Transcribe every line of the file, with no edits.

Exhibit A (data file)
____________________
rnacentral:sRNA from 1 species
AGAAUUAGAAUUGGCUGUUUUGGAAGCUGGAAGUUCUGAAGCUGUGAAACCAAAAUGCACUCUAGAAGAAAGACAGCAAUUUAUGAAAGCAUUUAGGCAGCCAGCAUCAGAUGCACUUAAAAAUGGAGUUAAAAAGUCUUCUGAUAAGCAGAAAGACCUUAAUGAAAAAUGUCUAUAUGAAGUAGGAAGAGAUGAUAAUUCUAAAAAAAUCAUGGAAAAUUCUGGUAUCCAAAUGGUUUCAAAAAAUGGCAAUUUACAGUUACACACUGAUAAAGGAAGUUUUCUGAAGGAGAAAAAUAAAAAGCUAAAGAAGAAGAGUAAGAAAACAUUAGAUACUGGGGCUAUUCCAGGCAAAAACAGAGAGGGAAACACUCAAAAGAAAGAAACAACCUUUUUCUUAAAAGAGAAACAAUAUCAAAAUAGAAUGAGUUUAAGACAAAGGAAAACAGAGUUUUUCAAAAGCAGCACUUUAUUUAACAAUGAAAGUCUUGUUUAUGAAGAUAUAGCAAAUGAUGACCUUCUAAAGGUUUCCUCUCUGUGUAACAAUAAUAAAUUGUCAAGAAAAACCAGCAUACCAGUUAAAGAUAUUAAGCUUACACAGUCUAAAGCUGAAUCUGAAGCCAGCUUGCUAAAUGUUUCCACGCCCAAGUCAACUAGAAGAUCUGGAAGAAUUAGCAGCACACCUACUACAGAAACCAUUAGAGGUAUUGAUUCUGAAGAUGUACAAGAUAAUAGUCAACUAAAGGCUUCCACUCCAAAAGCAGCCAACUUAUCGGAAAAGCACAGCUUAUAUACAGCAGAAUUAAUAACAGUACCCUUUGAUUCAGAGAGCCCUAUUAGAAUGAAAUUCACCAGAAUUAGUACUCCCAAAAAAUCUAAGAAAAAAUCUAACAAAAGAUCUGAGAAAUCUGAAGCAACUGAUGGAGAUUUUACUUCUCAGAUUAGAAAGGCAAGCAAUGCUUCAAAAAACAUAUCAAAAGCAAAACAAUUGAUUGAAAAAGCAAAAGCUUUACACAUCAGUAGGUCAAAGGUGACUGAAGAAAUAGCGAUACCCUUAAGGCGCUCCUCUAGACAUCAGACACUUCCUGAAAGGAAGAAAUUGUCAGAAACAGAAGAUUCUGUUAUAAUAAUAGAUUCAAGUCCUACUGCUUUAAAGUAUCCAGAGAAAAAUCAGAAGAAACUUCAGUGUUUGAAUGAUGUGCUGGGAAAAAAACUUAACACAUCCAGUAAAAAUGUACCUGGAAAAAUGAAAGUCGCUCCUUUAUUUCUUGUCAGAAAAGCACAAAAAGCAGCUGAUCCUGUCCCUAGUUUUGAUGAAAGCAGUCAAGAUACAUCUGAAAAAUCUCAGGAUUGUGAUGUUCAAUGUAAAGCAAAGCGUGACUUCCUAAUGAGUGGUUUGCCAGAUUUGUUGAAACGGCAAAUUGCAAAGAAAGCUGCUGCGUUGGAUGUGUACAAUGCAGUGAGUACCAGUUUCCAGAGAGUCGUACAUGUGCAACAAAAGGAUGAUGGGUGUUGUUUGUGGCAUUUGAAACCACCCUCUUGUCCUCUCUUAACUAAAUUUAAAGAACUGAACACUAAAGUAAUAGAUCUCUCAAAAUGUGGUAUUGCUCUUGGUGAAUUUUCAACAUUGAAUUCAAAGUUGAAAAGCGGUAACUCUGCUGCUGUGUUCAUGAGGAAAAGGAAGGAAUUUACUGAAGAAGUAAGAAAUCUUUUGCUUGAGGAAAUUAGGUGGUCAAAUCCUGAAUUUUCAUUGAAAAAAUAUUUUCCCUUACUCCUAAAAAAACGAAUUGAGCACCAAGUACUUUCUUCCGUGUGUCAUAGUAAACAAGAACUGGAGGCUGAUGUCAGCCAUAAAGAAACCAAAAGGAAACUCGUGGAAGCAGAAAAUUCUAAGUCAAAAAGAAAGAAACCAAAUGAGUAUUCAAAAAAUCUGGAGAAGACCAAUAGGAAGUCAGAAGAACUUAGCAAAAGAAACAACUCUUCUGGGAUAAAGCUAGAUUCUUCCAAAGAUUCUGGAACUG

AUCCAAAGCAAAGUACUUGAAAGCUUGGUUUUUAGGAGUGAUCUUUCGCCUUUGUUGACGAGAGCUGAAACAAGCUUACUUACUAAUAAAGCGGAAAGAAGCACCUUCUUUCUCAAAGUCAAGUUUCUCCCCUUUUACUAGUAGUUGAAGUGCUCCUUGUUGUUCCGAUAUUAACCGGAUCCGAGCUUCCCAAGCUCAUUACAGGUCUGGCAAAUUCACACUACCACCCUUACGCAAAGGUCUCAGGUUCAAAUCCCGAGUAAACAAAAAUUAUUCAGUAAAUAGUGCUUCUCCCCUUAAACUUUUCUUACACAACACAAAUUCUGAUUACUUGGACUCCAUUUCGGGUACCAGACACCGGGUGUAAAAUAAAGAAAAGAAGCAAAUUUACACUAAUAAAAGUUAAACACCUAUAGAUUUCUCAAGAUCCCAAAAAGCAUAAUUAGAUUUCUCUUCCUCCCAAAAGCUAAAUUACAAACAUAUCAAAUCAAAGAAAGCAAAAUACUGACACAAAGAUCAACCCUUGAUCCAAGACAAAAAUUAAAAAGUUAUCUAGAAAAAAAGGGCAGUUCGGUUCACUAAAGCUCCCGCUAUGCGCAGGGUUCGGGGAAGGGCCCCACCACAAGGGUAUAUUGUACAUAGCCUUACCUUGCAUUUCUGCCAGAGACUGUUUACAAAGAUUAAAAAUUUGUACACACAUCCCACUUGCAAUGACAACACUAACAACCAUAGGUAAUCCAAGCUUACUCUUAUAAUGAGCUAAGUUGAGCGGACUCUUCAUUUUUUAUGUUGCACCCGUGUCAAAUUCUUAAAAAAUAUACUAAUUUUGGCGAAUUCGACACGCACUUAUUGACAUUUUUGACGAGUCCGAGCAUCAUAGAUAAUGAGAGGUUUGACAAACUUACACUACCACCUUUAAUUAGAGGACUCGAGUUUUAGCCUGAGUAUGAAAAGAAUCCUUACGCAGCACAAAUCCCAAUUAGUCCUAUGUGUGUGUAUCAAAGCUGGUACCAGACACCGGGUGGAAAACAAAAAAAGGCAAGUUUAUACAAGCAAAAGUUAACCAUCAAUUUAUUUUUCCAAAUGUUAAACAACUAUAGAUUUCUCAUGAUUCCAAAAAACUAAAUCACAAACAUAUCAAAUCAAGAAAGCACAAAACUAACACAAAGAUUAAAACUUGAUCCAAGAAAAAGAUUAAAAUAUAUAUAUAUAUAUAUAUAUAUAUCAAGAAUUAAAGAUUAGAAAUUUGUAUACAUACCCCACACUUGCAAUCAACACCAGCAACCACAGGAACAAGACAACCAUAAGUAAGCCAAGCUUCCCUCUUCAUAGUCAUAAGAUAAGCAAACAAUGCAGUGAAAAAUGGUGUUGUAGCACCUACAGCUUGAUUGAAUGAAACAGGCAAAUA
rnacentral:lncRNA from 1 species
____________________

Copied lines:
rnacentral:sRNA from 1 species
AGAAUUAGAAUUGGCUGUUUUGGAAGCUGGAAGUUCUGAAGCUGUGAAACCAAAAUGCACUCUAGAAGAAAGACAGCAAUUUAUGAAAGCAUUUAGGCAGCCAGCAUCAGAUGCACUUAAAAAUGGAGUUAAAAAGUCUUCUGAUAAGCAGAAAGACCUUAAUGAAAAAUGUCUAUAUGAAGUAGGAAGAGAUGAUAAUUCUAAAAAAAUCAUGGAAAAUUCUGGUAUCCAAAUGGUUUCAAAAAAUGGCAAUUUACAGUUACACACUGAUAAAGGAAGUUUUCUGAAGGAGAAAAAUAAAAAGCUAAAGAAGAAGAGUAAGAAAACAUUAGAUACUGGGGCUAUUCCAGGCAAAAACAGAGAGGGAAACACUCAAAAGAAAGAAACAACCUUUUUCUUAAAAGAGAAACAAUAUCAAAAUAGAAUGAGUUUAAGACAAAGGAAAACAGAGUUUUUCAAAAGCAGCACUUUAUUUAACAAUGAAAGUCUUGUUUAUGAAGAUAUAGCAAAUGAUGACCUUCUAAAGGUUUCCUCUCUGUGUAACAAUAAUAAAUUGUCAAGAAAAACCAGCAUACCAGUUAAAGAUAUUAAGCUUACACAGUCUAAAGCUGAAUCUGAAGCCAGCUUGCUAAAUGUUUCCACGCCCAAGUCAACUAGAAGAUCUGGAAGAAUUAGCAGCACACCUACUACAGAAACCAUUAGAGGUAUUGAUUCUGAAGAUGUACAAGAUAAUAGUCAACUAAAGGCUUCCACUCCAAAAGCAGCCAACUUAUCGGAAAAGCACAGCUUAUAUACAGCAGAAUUAAUAACAGUACCCUUUGAUUCAGAGAGCCCUAUUAGAAUGAAAUUCACCAGAAUUAGUACUCCCAAAAAAUCUAAGAAAAAAUCUAACAAAAGAUCUGAGAAAUCUGAAGCAACUGAUGGAGAUUUUACUUCUCAGAUUAGAAAGGCAAGCAAUGCUUCAAAAAACAUAUCAAAAGCAAAACAAUUGAUUGAAAAAGCAAAAGCUUUACACAUCAGUAGGUCAAAGGUGACUGAAGAAAUAGCGAUACCCUUAAGGCGCUCCUCUAGACAUCAGACACUUCCUGAAAGGAAGAAAUUGUCAGAAACAGAAGAUUCUGUUAUAAUAAUAGAUUCAAGUCCUACUGCUUUAAAGUAUCCAGAGAAAAAUCAGAAGAAACUUCAGUGUUUGAAUGAUGUGCUGGGAAAAAAACUUAACACAUCCAGUAAAAAUGUACCUGGAAAAAUGAAAGUCGCUCCUUUAUUUCUUGUCAGAAAAGCACAAAAAGCAGCUGAUCCUGUCCCUAGUUUUGAUGAAAGCAGUCAAGAUACAUCUGAAAAAUCUCAGGAUUGUGAUGUUCAAUGUAAAGCAAAGCGUGACUUCCUAAUGAGUGGUUUGCCAGAUUUGUUGAAACGGCAAAUUGCAAAGAAAGCUGCUGCGUUGGAUGUGUACAAUGCAGUGAGUACCAGUUUCCAGAGAGUCGUACAUGUGCAACAAAAGGAUGAUGGGUGUUGUUUGUGGCAUUUGAAACCACCCUCUUGUCCUCUCUUAACUAAAUUUAAAGAACUGAACACUAAAGUAAUAGAUCUCUCAAAAUGUGGUAUUGCUCUUGGUGAAUUUUCAACAUUGAAUUCAAAGUUGAAAAGCGGUAACUCUGCUGCUGUGUUCAUGAGGAAAAGGAAGGAAUUUACUGAAGAAGUAAGAAAUCUUUUGCUUGAGGAAAUUAGGUGGUCAAAUCCUGAAUUUUCAUUGAAAAAAUAUUUUCCCUUACUCCUAAAAAAACGAAUUGAGCACCAAGUACUUUCUUCCGUGUGUCAUAGUAAACAAGAACUGGAGGCUGAUGUCAGCCAUAAAGAAACCAAAAGGAAACUCGUGGAAGCAGAAAAUUCUAAGUCAAAAAGAAAGAAACCAAAUGAGUAUUCAAAAAAUCUGGAGAAGACCAAUAGGAAGUCAGAAGAACUUAGCAAAAGAAACAACUCUUCUGGGAUAAAGCUAGAUUCUUCCAAAGAUUCUGGAACUG

AUCCAAAGCAAAGUACUUGAAAGCUUGGUUUUUAGGAGUGAUCUUUCGCCUUUGUUGACGAGAGCUGAAACAAGCUUACUUACUAAUAAAGCGGAAAGAAGCACCUUCUUUCUCAAAGUCAAGUUUCUCCCCUUUUACUAGUAGUUGAAGUGCUCCUUGUUGUUCCGAUAUUAACCGGAUCCGAGCUUCCCAAGCUCAUUACAGGUCUGGCAAAUUCACACUACCACCCUUACGCAAAGGUCUCAGGUUCAAAUCCCGAGUAAACAAAAAUUAUUCAGUAAAUAGUGCUUCUCCCCUUAAACUUUUCUUACACAACACAAAUUCUGAUUACUUGGACUCCAUUUCGGGUACCAGACACCGGGUGUAAAAUAAAGAAAAGAAGCAAAUUUACACUAAUAAAAGUUAAACACCUAUAGAUUUCUCAAGAUCCCAAAAAGCAUAAUUAGAUUUCUCUUCCUCCCAAAAGCUAAAUUACAAACAUAUCAAAUCAAAGAAAGCAAAAUACUGACACAAAGAUCAACCCUUGAUCCAAGACAAAAAUUAAAAAGUUAUCUAGAAAAAAAGGGCAGUUCGGUUCACUAAAGCUCCCGCUAUGCGCAGGGUUCGGGGAAGGGCCCCACCACAAGGGUAUAUUGUACAUAGCCUUACCUUGCAUUUCUGCCAGAGACUGUUUACAAAGAUUAAAAAUUUGUACACACAUCCCACUUGCAAUGACAACACUAACAACCAUAGGUAAUCCAAGCUUACUCUUAUAAUGAGCUAAGUUGAGCGGACUCUUCAUUUUUUAUGUUGCACCCGUGUCAAAUUCUUAAAAAAUAUACUAAUUUUGGCGAAUUCGACACGCACUUAUUGACAUUUUUGACGAGUCCGAGCAUCAUAGAUAAUGAGAGGUUUGACAAACUUACACUACCACCUUUAAUUAGAGGACUCGAGUUUUAGCCUGAGUAUGAAAAGAAUCCUUACGCAGCACAAAUCCCAAUUAGUCCUAUGUGUGUGUAUCAAAGCUGGUACCAGACACCGGGUGGAAAACAAAAAAAGGCAAGUUUAUACAAGCAAAAGUUAACCAUCAAUUUAUUUUUCCAAAUGUUAAACAACUAUAGAUUUCUCAUGAUUCCAAAAAACUAAAUCACAAACAUAUCAAAUCAAGAAAGCACAAAACUAACACAAAGAUUAAAACUUGAUCCAAGAAAAAGAUUAAAAUAUAUAUAUAUAUAUAUAUAUAUAUCAAGAAUUAAAGAUUAGAAAUUUGUAUACAUACCCCACACUUGCAAUCAACACCAGCAACCACAGGAACAAGACAACCAUAAGUAAGCCAAGCUUCCCUCUUCAUAGUCAUAAGAUAAGCAAACAAUGCAGUGAAAAAUGGUGUUGUAGCACCUACAGCUUGAUUGAAUGAAACAGGCAAAUA
rnacentral:lncRNA from 1 species